Office 365 DFARS Frequently Asked Questions (and Answers) - Part 7

     There are a lot of questions surrounding the upcoming DFARS requirements for DoD Contractors. What does it mean for your business? What happens if you're not compliant in time? To help guide you through the process, here are some questions and answers that you may need to know.  

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    35. What are your thoughts on using a product like Duo for MFA vs. Microsoft's MFA?

    Duo and other 3rd Party MFA solutions can be a great solution if needed. Microsoft's MFA solution works great if you are primarily cloud focused and don't have a need for MFA to other IT systems.


    36. Is it possible to isolate CUI to a SharePoint collection and make that the boundary? That way it would only allow E3 licensed users to use that collection and be compliant?

    No, this is not an appropriate method for compliance. You must focus on securing the information system as a whole, not a specific container within the information system.

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    37. What is the difference between E3 and E1?

    The short answer is that E3 has many features such as Data Loss Prevention as a part of the base license and this and other features are not available as add on licenses to the E1.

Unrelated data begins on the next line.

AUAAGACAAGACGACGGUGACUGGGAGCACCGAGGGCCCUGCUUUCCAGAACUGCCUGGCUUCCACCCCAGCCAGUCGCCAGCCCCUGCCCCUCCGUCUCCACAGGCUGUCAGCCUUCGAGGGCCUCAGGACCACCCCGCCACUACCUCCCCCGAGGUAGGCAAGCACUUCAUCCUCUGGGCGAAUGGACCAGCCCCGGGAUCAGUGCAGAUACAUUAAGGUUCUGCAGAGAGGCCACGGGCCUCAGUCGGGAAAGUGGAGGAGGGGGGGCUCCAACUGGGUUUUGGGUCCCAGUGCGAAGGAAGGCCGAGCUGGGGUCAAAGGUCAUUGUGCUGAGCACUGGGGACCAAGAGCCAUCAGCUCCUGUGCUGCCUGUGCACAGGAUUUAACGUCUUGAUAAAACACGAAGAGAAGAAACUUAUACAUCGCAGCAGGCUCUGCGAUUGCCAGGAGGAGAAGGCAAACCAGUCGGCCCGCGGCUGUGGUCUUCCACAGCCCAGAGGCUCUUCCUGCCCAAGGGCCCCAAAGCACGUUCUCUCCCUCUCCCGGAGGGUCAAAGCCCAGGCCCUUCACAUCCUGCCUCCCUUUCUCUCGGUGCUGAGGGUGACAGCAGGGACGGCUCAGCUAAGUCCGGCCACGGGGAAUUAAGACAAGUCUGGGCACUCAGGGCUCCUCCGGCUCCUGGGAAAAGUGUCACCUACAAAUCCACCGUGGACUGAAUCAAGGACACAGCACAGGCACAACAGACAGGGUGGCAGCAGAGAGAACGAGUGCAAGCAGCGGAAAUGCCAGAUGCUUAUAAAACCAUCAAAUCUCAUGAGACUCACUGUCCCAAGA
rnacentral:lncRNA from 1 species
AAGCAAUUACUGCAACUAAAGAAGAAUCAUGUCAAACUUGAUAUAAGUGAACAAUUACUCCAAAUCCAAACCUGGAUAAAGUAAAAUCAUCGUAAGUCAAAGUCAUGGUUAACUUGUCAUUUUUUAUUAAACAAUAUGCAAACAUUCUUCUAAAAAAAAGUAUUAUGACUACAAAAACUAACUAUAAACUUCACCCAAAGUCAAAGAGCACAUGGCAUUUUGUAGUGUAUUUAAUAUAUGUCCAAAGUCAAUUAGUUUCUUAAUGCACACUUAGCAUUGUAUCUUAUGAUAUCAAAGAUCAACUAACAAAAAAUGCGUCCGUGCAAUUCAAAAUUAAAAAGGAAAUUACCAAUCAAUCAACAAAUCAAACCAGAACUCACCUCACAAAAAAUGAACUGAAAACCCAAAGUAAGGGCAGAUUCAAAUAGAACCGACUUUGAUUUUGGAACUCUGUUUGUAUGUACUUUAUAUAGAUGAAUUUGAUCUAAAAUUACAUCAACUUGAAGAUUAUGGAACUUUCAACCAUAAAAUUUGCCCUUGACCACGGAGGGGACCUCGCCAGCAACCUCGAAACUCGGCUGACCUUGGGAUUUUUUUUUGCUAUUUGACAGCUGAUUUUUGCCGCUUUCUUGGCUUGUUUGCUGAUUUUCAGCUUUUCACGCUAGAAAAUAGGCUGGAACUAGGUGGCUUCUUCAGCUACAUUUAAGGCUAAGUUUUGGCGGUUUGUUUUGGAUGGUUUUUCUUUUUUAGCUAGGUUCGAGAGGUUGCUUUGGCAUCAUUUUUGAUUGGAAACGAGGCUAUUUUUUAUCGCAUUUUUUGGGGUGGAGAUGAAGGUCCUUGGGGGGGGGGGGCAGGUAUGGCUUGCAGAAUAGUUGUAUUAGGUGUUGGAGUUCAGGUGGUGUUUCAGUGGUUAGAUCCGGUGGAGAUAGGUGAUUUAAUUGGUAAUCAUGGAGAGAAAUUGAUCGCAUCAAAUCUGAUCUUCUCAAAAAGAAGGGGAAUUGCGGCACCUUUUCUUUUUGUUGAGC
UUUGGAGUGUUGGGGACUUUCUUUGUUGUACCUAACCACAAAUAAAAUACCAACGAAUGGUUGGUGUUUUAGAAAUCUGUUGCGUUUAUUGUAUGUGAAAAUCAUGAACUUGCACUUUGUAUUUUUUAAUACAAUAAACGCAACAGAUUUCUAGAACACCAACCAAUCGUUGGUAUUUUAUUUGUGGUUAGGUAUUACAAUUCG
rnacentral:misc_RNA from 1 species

38. Where in NIST is DLP called out?

    The need for DLP is called out as part of the controls within the Incident Response, System and Communications Protection and, depending on interpretation, portions of System and Information Integrity.

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    39. Why is E3 considered the base Office365 plan? For example, besides lacking Lockbox add on, what makes Essentials not a viable platform? As you know, with Essentials, enterprise Mobility + Security E3/E5 can be added. Obviously, Office365 Business Essentials represents a more cost effective solution for small business users under 300 users. Does it all revolve around the lack of Lockbox?


    The major capabilities that Essentials does not provide are Data Loss Prevention and eDiscovery.

    40. In regards to integration of older Office products like Office 2010, does the use of Microsoft "Application Passwords" present a problem with regard to 171 compliance as it bypasses MFA?

    Yes, in the strictest sense, application passwords are a bypass of the Multifactor Authentication capabilities within Office 365. If you are moving to Office 365 an have a requirement for MFA, it is highly recommended that you upgrade your clients to Office 2016 as they have the ability to support modern authentication which does support Multifactor Authentication.

    Note: This FAQ is part of a series. Check out the previous FAQ's here: FAQ #1FAQ #2FAQ# 3FAQ #4, and FAQ #5, FAQ #6

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